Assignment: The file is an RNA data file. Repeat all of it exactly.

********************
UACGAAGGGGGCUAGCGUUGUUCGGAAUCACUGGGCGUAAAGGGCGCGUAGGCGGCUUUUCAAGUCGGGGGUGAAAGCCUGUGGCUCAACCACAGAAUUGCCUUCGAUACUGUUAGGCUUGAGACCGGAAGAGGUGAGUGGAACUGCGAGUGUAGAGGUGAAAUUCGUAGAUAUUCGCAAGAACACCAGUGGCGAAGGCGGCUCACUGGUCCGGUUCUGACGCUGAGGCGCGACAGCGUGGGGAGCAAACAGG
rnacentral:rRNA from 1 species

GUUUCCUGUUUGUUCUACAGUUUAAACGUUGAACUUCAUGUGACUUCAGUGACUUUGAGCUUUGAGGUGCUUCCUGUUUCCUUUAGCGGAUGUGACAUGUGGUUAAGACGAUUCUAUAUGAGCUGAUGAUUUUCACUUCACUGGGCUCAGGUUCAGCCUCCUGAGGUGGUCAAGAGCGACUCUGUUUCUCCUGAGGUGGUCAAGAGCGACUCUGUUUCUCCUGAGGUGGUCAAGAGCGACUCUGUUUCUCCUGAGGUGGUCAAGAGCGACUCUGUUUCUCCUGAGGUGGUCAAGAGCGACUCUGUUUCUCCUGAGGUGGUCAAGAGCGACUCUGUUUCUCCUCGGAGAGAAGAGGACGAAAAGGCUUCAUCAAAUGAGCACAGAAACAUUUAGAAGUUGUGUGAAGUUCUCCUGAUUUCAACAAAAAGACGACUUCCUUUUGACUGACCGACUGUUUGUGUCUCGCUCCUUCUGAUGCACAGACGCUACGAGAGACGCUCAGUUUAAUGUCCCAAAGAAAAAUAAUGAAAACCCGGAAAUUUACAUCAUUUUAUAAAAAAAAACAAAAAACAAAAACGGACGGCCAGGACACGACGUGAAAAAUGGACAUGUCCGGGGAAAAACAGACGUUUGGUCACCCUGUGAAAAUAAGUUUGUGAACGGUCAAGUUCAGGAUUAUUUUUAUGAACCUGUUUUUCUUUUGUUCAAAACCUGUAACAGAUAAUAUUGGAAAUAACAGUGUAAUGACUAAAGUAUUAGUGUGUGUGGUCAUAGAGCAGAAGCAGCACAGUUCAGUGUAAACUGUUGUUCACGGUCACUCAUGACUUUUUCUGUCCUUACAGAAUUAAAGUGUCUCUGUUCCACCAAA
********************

UACGAAGGGGGCUAGCGUUGUUCGGAAUCACUGGGCGUAAAGGGCGCGUAGGCGGCUUUUCAAGUCGGGGGUGAAAGCCUGUGGCUCAACCACAGAAUUGCCUUCGAUACUGUUAGGCUUGAGACCGGAAGAGGUGAGUGGAACUGCGAGUGUAGAGGUGAAAUUCGUAGAUAUUCGCAAGAACACCAGUGGCGAAGGCGGCUCACUGGUCCGGUUCUGACGCUGAGGCGCGACAGCGUGGGGAGCAAACAGG
rnacentral:rRNA from 1 species

GUUUCCUGUUUGUUCUACAGUUUAAACGUUGAACUUCAUGUGACUUCAGUGACUUUGAGCUUUGAGGUGCUUCCUGUUUCCUUUAGCGGAUGUGACAUGUGGUUAAGACGAUUCUAUAUGAGCUGAUGAUUUUCACUUCACUGGGCUCAGGUUCAGCCUCCUGAGGUGGUCAAGAGCGACUCUGUUUCUCCUGAGGUGGUCAAGAGCGACUCUGUUUCUCCUGAGGUGGUCAAGAGCGACUCUGUUUCUCCUGAGGUGGUCAAGAGCGACUCUGUUUCUCCUGAGGUGGUCAAGAGCGACUCUGUUUCUCCUGAGGUGGUCAAGAGCGACUCUGUUUCUCCUCGGAGAGAAGAGGACGAAAAGGCUUCAUCAAAUGAGCACAGAAACAUUUAGAAGUUGUGUGAAGUUCUCCUGAUUUCAACAAAAAGACGACUUCCUUUUGACUGACCGACUGUUUGUGUCUCGCUCCUUCUGAUGCACAGACGCUACGAGAGACGCUCAGUUUAAUGUCCCAAAGAAAAAUAAUGAAAACCCGGAAAUUUACAUCAUUUUAUAAAAAAAAACAAAAAACAAAAACGGACGGCCAGGACACGACGUGAAAAAUGGACAUGUCCGGGGAAAAACAGACGUUUGGUCACCCUGUGAAAAUAAGUUUGUGAACGGUCAAGUUCAGGAUUAUUUUUAUGAACCUGUUUUUCUUUUGUUCAAAACCUGUAACAGAUAAUAUUGGAAAUAACAGUGUAAUGACUAAAGUAUUAGUGUGUGUGGUCAUAGAGCAGAAGCAGCACAGUUCAGUGUAAACUGUUGUUCACGGUCACUCAUGACUUUUUCUGUCCUUACAGAAUUAAAGUGUCUCUGUUCCACCAAA